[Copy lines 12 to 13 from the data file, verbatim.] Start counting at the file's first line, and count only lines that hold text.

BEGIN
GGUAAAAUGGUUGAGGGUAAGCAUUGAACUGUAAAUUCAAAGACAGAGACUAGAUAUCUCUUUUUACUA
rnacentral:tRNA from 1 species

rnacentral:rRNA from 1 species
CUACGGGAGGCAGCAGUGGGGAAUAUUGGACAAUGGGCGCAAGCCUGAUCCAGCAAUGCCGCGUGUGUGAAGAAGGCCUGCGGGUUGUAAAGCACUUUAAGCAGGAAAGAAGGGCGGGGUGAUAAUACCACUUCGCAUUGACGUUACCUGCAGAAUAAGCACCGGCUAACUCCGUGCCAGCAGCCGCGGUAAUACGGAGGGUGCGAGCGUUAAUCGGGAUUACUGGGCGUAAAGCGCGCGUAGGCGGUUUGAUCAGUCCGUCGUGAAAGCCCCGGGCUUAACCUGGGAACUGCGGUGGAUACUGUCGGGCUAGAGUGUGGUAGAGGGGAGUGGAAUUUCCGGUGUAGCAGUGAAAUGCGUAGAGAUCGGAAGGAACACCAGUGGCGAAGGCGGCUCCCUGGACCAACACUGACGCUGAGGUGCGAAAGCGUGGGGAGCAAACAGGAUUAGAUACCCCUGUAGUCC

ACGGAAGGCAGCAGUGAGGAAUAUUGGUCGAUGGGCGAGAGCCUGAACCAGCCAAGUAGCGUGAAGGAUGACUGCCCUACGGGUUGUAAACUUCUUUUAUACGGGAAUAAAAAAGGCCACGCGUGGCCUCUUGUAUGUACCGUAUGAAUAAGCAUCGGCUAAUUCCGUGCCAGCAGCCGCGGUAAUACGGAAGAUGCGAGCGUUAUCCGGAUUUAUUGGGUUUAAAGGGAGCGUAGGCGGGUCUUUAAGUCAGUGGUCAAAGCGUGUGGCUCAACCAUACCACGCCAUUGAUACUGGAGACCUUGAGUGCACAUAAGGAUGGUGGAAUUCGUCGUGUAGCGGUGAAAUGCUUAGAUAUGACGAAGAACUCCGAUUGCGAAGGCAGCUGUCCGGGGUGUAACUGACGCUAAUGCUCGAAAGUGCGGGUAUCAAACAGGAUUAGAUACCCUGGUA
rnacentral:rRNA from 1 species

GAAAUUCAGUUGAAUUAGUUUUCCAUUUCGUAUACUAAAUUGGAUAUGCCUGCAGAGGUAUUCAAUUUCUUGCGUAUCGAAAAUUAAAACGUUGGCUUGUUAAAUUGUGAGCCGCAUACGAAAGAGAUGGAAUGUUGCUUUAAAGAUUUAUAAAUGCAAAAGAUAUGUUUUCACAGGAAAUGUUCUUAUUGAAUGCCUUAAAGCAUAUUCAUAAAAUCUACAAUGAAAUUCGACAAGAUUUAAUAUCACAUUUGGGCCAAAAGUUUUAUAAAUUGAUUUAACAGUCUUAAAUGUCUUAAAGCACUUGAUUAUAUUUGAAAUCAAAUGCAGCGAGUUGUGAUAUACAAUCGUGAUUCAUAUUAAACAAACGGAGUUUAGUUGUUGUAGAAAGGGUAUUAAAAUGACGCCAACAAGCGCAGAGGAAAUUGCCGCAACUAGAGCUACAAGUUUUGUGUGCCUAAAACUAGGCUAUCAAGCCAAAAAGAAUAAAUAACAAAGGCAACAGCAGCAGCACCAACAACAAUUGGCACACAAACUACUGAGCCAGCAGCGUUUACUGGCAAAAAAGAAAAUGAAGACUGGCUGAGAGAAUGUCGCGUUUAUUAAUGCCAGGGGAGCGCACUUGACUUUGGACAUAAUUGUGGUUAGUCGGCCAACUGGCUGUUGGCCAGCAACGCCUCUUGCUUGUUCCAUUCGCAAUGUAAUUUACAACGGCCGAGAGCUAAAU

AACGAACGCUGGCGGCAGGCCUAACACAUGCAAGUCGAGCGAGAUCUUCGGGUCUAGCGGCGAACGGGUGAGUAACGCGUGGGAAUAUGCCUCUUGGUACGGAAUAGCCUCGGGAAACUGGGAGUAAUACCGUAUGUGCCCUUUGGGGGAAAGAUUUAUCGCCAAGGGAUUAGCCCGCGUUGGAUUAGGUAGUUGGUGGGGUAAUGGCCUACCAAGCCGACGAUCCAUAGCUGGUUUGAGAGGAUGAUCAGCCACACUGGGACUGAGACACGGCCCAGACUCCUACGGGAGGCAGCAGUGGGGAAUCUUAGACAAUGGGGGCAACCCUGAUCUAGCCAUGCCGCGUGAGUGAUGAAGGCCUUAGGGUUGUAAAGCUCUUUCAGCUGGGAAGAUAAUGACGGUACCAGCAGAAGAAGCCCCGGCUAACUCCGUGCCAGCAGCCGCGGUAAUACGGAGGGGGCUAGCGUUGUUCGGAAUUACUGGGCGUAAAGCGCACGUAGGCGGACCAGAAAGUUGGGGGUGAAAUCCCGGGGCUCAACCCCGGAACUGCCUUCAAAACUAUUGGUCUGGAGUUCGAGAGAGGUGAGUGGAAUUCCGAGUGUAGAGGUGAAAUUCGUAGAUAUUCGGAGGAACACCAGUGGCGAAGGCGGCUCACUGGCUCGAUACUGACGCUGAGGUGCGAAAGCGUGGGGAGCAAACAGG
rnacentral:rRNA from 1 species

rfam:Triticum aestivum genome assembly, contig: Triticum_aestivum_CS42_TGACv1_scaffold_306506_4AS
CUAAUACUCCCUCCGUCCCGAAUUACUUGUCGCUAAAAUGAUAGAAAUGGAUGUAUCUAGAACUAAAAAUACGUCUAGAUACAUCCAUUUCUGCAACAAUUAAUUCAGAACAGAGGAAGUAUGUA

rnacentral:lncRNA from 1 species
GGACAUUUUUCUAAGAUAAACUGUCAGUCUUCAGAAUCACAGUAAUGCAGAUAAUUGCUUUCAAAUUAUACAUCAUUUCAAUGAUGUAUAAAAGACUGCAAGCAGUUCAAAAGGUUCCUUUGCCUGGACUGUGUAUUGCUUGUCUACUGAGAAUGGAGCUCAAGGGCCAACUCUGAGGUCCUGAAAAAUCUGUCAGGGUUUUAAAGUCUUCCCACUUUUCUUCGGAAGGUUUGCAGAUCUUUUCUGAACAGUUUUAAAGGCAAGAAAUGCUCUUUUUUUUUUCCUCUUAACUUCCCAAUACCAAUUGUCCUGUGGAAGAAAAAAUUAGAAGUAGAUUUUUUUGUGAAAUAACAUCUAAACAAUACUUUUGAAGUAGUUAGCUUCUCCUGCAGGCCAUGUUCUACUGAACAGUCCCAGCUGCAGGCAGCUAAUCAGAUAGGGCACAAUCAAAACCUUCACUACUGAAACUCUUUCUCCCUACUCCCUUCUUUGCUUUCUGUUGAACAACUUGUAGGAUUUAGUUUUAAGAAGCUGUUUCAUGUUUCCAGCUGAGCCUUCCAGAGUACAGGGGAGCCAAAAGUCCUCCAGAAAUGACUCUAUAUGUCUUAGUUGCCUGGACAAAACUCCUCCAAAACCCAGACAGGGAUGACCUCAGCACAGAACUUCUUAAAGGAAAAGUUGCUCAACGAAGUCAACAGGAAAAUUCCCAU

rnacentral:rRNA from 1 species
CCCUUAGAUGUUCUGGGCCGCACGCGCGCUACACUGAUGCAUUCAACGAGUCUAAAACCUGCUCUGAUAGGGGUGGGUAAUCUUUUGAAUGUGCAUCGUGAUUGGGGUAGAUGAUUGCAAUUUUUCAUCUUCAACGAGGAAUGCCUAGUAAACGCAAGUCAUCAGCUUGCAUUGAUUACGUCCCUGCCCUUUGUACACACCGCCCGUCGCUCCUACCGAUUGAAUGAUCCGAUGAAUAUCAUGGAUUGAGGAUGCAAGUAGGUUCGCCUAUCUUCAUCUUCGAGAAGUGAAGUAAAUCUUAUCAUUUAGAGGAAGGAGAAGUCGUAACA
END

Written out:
rnacentral:lncRNA from 1 species
GGACAUUUUUCUAAGAUAAACUGUCAGUCUUCAGAAUCACAGUAAUGCAGAUAAUUGCUUUCAAAUUAUACAUCAUUUCAAUGAUGUAUAAAAGACUGCAAGCAGUUCAAAAGGUUCCUUUGCCUGGACUGUGUAUUGCUUGUCUACUGAGAAUGGAGCUCAAGGGCCAACUCUGAGGUCCUGAAAAAUCUGUCAGGGUUUUAAAGUCUUCCCACUUUUCUUCGGAAGGUUUGCAGAUCUUUUCUGAACAGUUUUAAAGGCAAGAAAUGCUCUUUUUUUUUUCCUCUUAACUUCCCAAUACCAAUUGUCCUGUGGAAGAAAAAAUUAGAAGUAGAUUUUUUUGUGAAAUAACAUCUAAACAAUACUUUUGAAGUAGUUAGCUUCUCCUGCAGGCCAUGUUCUACUGAACAGUCCCAGCUGCAGGCAGCUAAUCAGAUAGGGCACAAUCAAAACCUUCACUACUGAAACUCUUUCUCCCUACUCCCUUCUUUGCUUUCUGUUGAACAACUUGUAGGAUUUAGUUUUAAGAAGCUGUUUCAUGUUUCCAGCUGAGCCUUCCAGAGUACAGGGGAGCCAAAAGUCCUCCAGAAAUGACUCUAUAUGUCUUAGUUGCCUGGACAAAACUCCUCCAAAACCCAGACAGGGAUGACCUCAGCACAGAACUUCUUAAAGGAAAAGUUGCUCAACGAAGUCAACAGGAAAAUUCCCAU